Background The ability of performing a balance or walking task in conjunction with a secondary cognitive or motor task, referred to as dual-task (DT) ability, is essential in daily living. While there is some evidence that DT performance is impaired in individuals with neurological conditions, using reliable and valid tools to measure DT performance is essential. This systematic review aimed to evaluate the psychometric properties of DT balance and walking assessments in individuals with different neurological conditions. Methods A systematic literature search was conducted using PubMed, CINAHL, MEDLINE, PsycINFO, SCOPUS, Web of Science, and Cochrane Library (last search done in April 2016). The methodological quality was rated using the Consensus-based Standards for the selection of health Measurement Instruments (COSMIN) checklist. Results Twenty-three articles involving individuals with stroke, Parkinson's disease, mild cognitive impairment, dementia, Alzheimer's disease, and multiple sclerosis were included. Outcomes derived from the walking tasks under DT condition generally demonstrated good reliability (correlation coefficient ≥0.75) across different neurological disorders, but their usefulness in distinguishing fallers from non-fallers was inconclusive. The reliability of outcomes derived from the cognitive/motor tasks and from the dual-task effect (DTE) (i.e., DT performance minus single-task performance) seemed to be lower but was understudied. The reliability of static or dynamic sitting/standing balance outcomes in DT condition was not assessed in any of the selected studies. Conclusions The reliability of the outcomes derived from walking tasks was good. The psychometric properties of other DT outcomes need to be further investigated.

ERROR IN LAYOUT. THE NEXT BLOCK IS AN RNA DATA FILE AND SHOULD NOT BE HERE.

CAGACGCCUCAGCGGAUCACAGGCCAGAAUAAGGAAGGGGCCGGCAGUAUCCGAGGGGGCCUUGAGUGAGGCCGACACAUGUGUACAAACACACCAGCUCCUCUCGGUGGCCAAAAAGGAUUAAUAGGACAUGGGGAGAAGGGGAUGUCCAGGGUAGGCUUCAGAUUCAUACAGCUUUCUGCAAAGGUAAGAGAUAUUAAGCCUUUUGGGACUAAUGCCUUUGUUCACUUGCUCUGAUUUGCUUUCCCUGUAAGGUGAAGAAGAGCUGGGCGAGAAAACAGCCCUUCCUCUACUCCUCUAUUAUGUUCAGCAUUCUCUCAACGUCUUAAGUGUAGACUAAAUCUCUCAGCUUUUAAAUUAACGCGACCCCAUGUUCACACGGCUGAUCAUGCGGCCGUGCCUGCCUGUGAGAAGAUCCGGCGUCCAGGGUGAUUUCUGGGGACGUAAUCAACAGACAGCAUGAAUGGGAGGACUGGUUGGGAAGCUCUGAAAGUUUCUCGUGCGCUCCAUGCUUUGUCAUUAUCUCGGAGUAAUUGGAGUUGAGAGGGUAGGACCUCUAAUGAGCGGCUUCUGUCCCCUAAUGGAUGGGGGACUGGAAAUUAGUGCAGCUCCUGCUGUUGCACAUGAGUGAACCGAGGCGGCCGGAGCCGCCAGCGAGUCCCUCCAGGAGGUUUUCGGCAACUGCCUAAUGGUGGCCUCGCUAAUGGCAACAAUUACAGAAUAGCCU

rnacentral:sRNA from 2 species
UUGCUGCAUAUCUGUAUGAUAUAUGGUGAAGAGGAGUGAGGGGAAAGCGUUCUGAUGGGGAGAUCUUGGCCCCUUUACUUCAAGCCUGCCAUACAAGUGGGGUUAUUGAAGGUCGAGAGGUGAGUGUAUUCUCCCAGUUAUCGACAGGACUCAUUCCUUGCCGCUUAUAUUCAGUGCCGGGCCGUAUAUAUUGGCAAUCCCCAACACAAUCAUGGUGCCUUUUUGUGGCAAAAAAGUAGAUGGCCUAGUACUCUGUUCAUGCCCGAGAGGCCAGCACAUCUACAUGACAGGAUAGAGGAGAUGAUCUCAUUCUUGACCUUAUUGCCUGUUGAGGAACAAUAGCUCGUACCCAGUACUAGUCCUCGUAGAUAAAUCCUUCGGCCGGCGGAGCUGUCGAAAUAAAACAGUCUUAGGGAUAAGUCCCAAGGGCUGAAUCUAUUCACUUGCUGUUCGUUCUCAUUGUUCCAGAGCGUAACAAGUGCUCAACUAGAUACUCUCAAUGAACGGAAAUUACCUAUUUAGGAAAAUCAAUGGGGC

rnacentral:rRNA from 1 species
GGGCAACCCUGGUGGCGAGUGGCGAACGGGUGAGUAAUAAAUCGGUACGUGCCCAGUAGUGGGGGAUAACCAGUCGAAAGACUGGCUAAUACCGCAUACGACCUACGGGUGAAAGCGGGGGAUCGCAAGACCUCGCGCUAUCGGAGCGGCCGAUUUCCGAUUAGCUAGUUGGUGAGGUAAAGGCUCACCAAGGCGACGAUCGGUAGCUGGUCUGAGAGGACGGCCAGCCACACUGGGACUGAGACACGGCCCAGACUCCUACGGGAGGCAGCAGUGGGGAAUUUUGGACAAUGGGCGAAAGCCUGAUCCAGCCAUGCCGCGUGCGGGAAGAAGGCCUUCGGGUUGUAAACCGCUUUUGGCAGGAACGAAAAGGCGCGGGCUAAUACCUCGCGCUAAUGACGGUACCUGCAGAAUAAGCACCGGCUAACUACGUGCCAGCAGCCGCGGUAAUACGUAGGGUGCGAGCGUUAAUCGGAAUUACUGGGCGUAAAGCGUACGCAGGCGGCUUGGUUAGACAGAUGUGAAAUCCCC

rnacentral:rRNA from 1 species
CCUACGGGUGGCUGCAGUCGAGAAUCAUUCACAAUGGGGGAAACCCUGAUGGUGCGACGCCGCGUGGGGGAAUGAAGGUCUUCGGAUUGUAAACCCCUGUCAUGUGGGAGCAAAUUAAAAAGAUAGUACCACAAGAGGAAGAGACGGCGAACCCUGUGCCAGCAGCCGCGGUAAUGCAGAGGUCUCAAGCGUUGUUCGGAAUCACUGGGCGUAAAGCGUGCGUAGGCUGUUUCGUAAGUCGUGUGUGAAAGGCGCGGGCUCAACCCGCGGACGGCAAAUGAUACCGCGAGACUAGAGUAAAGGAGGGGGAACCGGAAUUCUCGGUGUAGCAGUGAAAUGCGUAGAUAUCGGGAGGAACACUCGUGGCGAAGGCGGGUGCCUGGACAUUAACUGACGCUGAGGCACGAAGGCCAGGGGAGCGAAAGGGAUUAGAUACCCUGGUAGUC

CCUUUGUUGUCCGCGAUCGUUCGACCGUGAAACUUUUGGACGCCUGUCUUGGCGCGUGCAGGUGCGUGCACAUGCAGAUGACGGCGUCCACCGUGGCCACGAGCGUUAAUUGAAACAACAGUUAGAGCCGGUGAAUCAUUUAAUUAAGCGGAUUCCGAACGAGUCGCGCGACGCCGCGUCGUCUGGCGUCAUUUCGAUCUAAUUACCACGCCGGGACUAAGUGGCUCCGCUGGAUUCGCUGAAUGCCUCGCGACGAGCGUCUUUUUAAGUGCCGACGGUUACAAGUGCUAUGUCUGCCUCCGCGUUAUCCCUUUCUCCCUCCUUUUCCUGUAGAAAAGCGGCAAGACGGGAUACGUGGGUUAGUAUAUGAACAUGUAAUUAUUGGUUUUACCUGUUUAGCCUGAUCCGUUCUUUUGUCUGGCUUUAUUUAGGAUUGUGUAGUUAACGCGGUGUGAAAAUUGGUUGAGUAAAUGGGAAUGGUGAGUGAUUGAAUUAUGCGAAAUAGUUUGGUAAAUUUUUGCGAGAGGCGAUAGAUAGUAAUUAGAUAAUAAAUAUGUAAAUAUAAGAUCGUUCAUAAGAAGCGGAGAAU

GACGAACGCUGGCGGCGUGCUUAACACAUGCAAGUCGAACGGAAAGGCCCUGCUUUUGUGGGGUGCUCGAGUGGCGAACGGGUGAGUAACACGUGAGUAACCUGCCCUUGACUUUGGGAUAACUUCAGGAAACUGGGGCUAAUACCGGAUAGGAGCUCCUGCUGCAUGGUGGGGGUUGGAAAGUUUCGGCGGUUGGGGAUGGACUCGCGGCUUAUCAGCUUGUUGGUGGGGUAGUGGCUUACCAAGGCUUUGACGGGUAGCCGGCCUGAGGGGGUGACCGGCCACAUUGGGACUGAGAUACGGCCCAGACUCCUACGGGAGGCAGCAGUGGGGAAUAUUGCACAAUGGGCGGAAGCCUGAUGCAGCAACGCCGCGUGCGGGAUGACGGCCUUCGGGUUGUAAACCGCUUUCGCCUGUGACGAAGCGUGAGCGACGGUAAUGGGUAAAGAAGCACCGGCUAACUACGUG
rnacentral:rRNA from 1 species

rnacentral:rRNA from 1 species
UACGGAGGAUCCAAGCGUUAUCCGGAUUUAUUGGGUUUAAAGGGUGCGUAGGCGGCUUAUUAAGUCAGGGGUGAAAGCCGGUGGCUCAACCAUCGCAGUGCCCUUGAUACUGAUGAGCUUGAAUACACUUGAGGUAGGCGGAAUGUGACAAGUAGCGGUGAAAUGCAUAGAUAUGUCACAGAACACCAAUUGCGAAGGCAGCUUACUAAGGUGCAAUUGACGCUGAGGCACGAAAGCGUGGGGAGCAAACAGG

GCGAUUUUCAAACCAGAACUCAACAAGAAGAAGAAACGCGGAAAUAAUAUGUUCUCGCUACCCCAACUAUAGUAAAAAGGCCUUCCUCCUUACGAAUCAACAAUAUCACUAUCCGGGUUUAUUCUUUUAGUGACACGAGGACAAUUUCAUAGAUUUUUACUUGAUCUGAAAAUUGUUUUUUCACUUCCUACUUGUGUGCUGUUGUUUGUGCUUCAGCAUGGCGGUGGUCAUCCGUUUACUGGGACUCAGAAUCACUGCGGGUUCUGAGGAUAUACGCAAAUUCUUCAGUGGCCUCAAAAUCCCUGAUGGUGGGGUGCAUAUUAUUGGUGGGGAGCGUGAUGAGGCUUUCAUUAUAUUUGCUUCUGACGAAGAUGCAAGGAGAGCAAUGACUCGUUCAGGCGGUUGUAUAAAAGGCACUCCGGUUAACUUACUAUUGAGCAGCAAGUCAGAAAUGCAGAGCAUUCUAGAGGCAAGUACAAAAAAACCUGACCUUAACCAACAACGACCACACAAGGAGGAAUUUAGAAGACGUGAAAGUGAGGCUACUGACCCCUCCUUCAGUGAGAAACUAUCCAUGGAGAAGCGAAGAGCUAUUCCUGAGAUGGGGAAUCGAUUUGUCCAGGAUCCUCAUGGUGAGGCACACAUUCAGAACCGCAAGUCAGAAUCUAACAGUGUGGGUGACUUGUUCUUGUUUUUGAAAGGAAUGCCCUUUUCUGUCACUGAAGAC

- Systematic review
ASJC Scopus subject areas
- Orthopedics and Sports Medicine